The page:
Thursday, May 17, 2012
López Obrador clarifies stance on Mexican military force withdrawal from drug war
Democratic Revolution Party (PRD) candidate Andrés Manuel López Obrador, who has repeatedly announced that if elected he would quickly remove Mexican troops from the 65 month old drug war, yesterday clarified, if not modified, his stance.
On several occasions López Obrador, whom the Mexican press invariably refers to as the "leftist" nominee, has said that the armed forces would be "returned to their quarters within six months." The candidate's plan is to let local and state police units carry the brunt of the struggle against the country's drug cartels. Many Mexicans no longer have confidence in the National Security Strategy implemented by president Felipe Calderón in December 2006, the purpose of which was to defeat the cartels with federal forces. But neither do most believe that municipal contingents, often called preventivos here, are up to the task.
During his morning press conference yesterday (May 16), López Obrador said that troops, whom he characterized as "worn out," would be gradually withdrawn from drug war duties, a change from earlier assurances. "We have to take care of the army, which is exhausted from this fight. It's one of the country's most important institutions, and we don't want to undermine it. So while we're still going to remove it from public security duties, the process will be slow, to protect the people." The PRD hopeful, who increasingly appears to be the real second-place contender in Mexico's presidential contest, didn't set further timetables.
The candidate spoke while on a campaign swing through the Pacific resort city of Mazatlan, in Sinaloa state. The region is well known for extreme drug trafficking violence.
López Obrador has also talked of creating a new national police force, although Mexico already has federal police officers. It's unclear if he would set up a new agency, or merely reconstitute and retrain existing federales. Either option would likely take several years.
Mexico is in the process of weeding out corruption from local police forces, especially at the city and town level, which all the presidential candidates agree is indispensable. The country has 458,816 police officers according to government sources. As of September 2011 about 71,000 of them, or less than eight percent, had passed loyalty and honesty tests (Weeding out corrupt cops is daunting task in Mexico - polygraphs await 500,000: http://mexicogulfreporter.blogspot.mx/2011/10/weeding-out-corrupt-local-cops-remains.html). In some particularly violent areas federal military units have replaced urban police forces entirely (Mexican troops take over police functions in Veracruz: http://mexicogulfreporter.blogspot.mx/2011/12/federal-troops-take-over-police.html).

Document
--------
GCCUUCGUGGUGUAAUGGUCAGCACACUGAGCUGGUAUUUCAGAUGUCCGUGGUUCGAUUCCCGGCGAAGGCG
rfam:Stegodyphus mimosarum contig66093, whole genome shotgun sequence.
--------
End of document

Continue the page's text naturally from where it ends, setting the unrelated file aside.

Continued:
In March an assistant U.S. secretary of state told a House of Representatives committee that one of Mexico's major security issues is local police corruption, something which has plagued the country for generations (U.S. drug czar tells House that Mexican local, state police are heavily infiltrated: http://mexicogulfreporter.blogspot.mx/2012/03/us-drug-czar-tells-house-that-juarez-is.html).
PAN presidential candidate Josefina Vázquez Mota has long said that she plans to stay the course with Calderón's military strategy until local security forces are ready to take on the drug cartels, which could take years. PRI nominee Enrique Peña Nieto has flip-flopped on the issue, but in a campaign speech delivered April 8 he said that Mexican troops will maintain primary responsibility for narcotics trafficking interdiction if he's elected president (Peña Nieto says Mexican army will retain pivotal role in drug war if he's elected: http://mexicogulfreporter.blogspot.mx/2012/04/after-months-of-wavering-pena-nieto.html).
López Obrador repeats promise to pull Mexican military forces from drug war: http://mexicogulfreporter.blogspot.mx/2012/02/lopez-obrado-repeats-promise-to-pull.html.
Fanciful and shifting economic promises, a staple in Mexican campaign: http://mexicogulfreporter.blogspot.mx/2012/04/fanciful-and-shifting-economic-promises.html.
Mexico's presidential campaign begins: http://mexicogulfreporter.blogspot.mx/2012/03/mexicos-presidential-campaign-opens.html#more.
Sen. John McCain has his doubts about one of Mexico's presidential candidates: http://mexicogulfreporter.blogspot.mx/2012/02/sen-john-mccain-expresses-doubt-about.html.
Crooked Cancún cops shake down New Yorkers: http://mexicogulfreporter.blogspot.mx/2012/05/crooked-cancun-cops-shake-down-new.html.
at 10:50 AM